Richmond Oak specialise in oak conservatories & orangeries that are designed & built to ensure they are a habitable living environment all year round as a result of using high specification glazing 0.9 U value in the roof glass 1.0 U value in the frame glass, sensible ventilation and under flooring heating.

    Read more on this topic HERE

  • 7 years ago

    Extensions are great all year round. They keep heat in the winter and stay cool in the summer, adding a roof a lantern means you still get plenty of light in your new rooms.

  • PRO
    7 years ago

    Extensions are usually preferable because in Scotland a conservatory is classed as temporary and is not allowed to be connected to the main heating system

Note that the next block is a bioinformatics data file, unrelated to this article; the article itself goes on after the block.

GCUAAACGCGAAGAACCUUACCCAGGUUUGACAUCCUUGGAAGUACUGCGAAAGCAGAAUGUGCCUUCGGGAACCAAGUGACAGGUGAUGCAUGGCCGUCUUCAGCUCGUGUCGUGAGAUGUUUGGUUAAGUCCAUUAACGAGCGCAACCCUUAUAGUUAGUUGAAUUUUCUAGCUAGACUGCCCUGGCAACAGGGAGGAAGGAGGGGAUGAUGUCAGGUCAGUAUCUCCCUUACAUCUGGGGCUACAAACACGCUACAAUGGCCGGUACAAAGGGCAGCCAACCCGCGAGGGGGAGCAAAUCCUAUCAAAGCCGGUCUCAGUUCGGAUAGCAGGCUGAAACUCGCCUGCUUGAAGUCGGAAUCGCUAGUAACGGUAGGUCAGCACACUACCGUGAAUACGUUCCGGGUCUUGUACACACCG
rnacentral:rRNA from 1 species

• PRO
    7 years ago

    Richmond Oak make very valid points for a well specified conservatory or orangery and in many situations these are great options However even modern high spec glass and frames combined is unlikely to give a U value (heat loss) better than 1. 0- at least 6 times the heat loss or heat gain of a Delta solid roof.

  • PRO
    7 years ago

    Extensions are great all year round, less heat gain in the summer, less heat loss in the winter. Rooflights can offer a good way of introducing natural light rather than a completely glazed roof.

  • PRO
    7 years ago

    Extensions are longer lasting

  • PRO
    7 years ago

    Conservatories with Guardian Warm Roof are great for all year round use which comes in different styles and exterior colour and designs. Also they are not as expensive as extensions.

    Guardian Warm Roofs · More Info

    Guardian Warm Roof by Premier Roof Systems

  • PRO
    7 years ago
    last modified: 7 years ago